International Joint Ventures

Last Updated: 14 May 2021
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Construction operates in a domestic environment against ever increasing competition in a saturated market, trying to maintain market share during economic downturn. In contrast Sandford has a strong international presence in the hotel/leisure industry and is looking at diversification to improve their competitive advantage and compliment their current offerings. The opportunity presented by this Joint Venture (JV) will assist both Sandford and Fremantle in entering a new market. It will be challenging mainly because of the fact that both firms are from different industries and may have different goals/objectives along with differing management styles.

Furthermore, the JV’s first project is situated in the Democratic Republic of Timor Leste (DRTL), which will have its own complexities to contend with, be it government/business policies or technology/skills shortages etc. The JV will have to consider a decision making processes throughout the partnership, which could be difficult, with each firm’s needs possibly being different. For a successful JV, the partners need to be honest, trustworthy, committed and focus on what will be best for the JV rather than on their own needs.

Beamish (2008) quoted that firms enter JVs in order to create new products/services and enter new/foreign markets. This is the key benefit to this JV, whilst there are many risk factors to consider, the rewards will possibly outweigh this but only if all the obstacles and opportunities are correctly assessed and an appropriate strategy is agreed and implemented. This report was commissioned by Mr Benny Garstead. The objective was to recommend an appropriate ‘Diversification Strategy’ and identify ‘Opportunities and Obstacles’ that will be encountered by the ‘Sandford & Freemantle’ JV in the DRTL.

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Diversification via JV What form of JV Prior to engaging in a ‘Diversification’ strategy both firms will have to agree on the type of JV to be implemented for this project, integrated where profit/loss is shared against an agreed percentage, or non-integrated where profit/loss is not shared. The benefit of an integrated system is that it requires capital investment from all partners and this signifies commitment and can enhance the chances of success.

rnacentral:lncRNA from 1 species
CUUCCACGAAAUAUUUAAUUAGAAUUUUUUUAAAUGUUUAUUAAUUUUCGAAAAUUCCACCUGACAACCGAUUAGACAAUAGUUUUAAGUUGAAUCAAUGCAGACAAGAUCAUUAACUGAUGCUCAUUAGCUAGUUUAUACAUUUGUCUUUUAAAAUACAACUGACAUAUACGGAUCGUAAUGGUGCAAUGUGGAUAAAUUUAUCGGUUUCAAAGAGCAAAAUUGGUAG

These decisions along with objectives and how to manage the JV will have to be agreed prior to engaging the JV. Pearce (1997) indicated that JVs can become very demanding if the partners have differing objectives. The reasons behind the JV are simple, both parties contribute to the overall scale/skills pool, thus being in a position to penetrate new markets. However local knowledge in respect of the newly formed DRTL will be lacking. This gap will need to be filled, possibly with local partners/advisors if the JV is to be successful.

Diversification Theory

Ansoff’s (1965) idea of diversification (see matrix below) highlights that this is when firms enter new markets with new products. The new product here is the combined offering of both firms, in a completely new market. Berry (1975) alternatively states that ‘Diversification’ is an increase in the number of industries a firm is active in. There are numerous other definitions, but in essence it is based on desire for growth, by expanding a firm’s existing offering with other products/services etc. which can be directly or indirectly related to current offerings or be completely unrelated. The notion that this JV needs to be identified separately from both firm’s existing operations, by diversifying, could improve competitive advantage by providing focus in a niche market, where one service compliments/leads on to the other and thus being able to provide a tailored/total solution to the DRTL, where many international/domestic firms will be vying for the same business.

Why Diversify

By integrating into related markets (related diversification, infrastructure hotels/leisure = revenue from building & tourism), Freemantle can enter into another market, which could boost their current position and secure cash flow to survive the current downturn. Rather than downsizing, they could potentially increase their turnover, albeit growth not necessarily means more profit. Sandford will also greatly benefit by being able to complement Freemantle’s offering by following on with the required tourism facilities. This type of synergy is called ‘Horizontal Diversification’.